1. All MC
2. 60% comes from lecture and 40% from reading
4. Dates and names from the lecture yes but not really from the readings
5. Case control for this week is also covered
6. Tutorial will be on exam
7. About 70 questions of 4 choices
8. The class average will be 70.
Endemic constant presence of disease within an area
Epidemic occurrence of illness in an area. Unique in time, place, and space. Spread, #case, case fatality, and area be recorded
- Tried mapping the disease
- Studied everything but didnt think of people that did not get cholera. (original group)
Graunt, J. 1603
- Bills of Mortality: collecting a systematic record of death.
- Life Table: Life expectancy at birth
o Women live longer because they are biologically and genetically stronger.
o The life graph will look like U. If you are very young and very old, you are more likely to die early.
- Systematic classification of diseases
o Air/water/food/sexually transmitted
o Disease Nosology (study of disease)
- When the kids were going through teething, they rubbed mercury on their teeth so they could have died from that?
- Baby around that age gets teeth, so you will wean the child so they eat other artificial food substitutes - exposed to pathogens to diarrhea.
- 1798 smallpox/cowpox (still exists in research labs for research purposes, it has been eradicated but not totally.)
- Numeric methodology (medical statistics)
- Vulgar disease (uncontrollable)
- Concealment (perfume)
Cholera in England
- 1831- 32 (32,000 deaths)
- 1848 49 (62,000 deaths)
- 1853 - 54 (20,000 deaths)
- 1866 67 (14,000 deaths)
o Case fatality rate of 40-60%
o Death within hours
o Caused by Vibrio Cholerae
Snowden cholera is an infallible indicator of destitution (poor) and squalor (insanitary state), overcrowding and recycled clothing, defective sewage
and unwashed hands, suspect produce and impure water.***
Cholera = Shock Disease (shocked the political basis of a community.)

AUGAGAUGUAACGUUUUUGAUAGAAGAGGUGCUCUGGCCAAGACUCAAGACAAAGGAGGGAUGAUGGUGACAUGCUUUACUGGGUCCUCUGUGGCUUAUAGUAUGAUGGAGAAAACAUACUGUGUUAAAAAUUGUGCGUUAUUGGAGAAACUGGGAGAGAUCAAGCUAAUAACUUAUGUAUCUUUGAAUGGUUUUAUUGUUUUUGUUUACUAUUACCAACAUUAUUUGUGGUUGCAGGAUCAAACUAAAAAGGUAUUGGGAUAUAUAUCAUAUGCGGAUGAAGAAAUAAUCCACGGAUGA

- 2 preventive strategies
- Cholera is air- and water-bourn
o By simple touch you can transmit disease
o Cholera imported from outside
- Non-contagionist Miasmatic Origin
o Local sanitary condition
o If you want to remove cholera, you improve local conditions.
1831 and 1832 - Temporary Boards of Health established
- Sanitary Regulation
- District inspectors, houses to be whitewashed, linens cleaned, cholera hospitals to be made
- Leeches they suck out blood and the bad things in your body. 10-12 oz
- Warm bath followed by flannel (towel) rub
- Castor (wheel) oil
- Laudanum (narcotic aka drug)
John Snow 1865 cholera.
- In the 2 pandemic of cholera when we dont know anything about the transmission.
- Most doctors believed that cholera was miasmatic it came from sewers and organic materials, the local conditions.
Opposition to current paradigm
- Snow thought wait, cholera also occurred when there was no organic substances going bad. There was no swamps or anything. If they get
cholera then there is something else in play.
- No armchair epidemiology
o Made questionnaires about water conditions to places that experienced high mortality due to cholera.
o Medical journals connection between water/sewers and cholera. (Water-bourne)
- He thought that maybe it was spread by germs
o It just took a few drops of this substance of this germ to pollute water supply.
o You could then start onset of epidemic.
- 1849, On the Mode of Communication of Cholera by Snow. ***
o No proof
- Water laid on = when you have access to water on individual basis.
o Well = common source of water.
o When the handle was removed, there was less cholera. He was trying to stop the source.
o All sewage and runoff and potential contamination water that was dumped by the street was seeping into the ground water and was
being pumped up. So removal of the handle was not a good proof and his theory was not accepted.
- Germ that is responsible for cholera.
Snows Contribution *** exam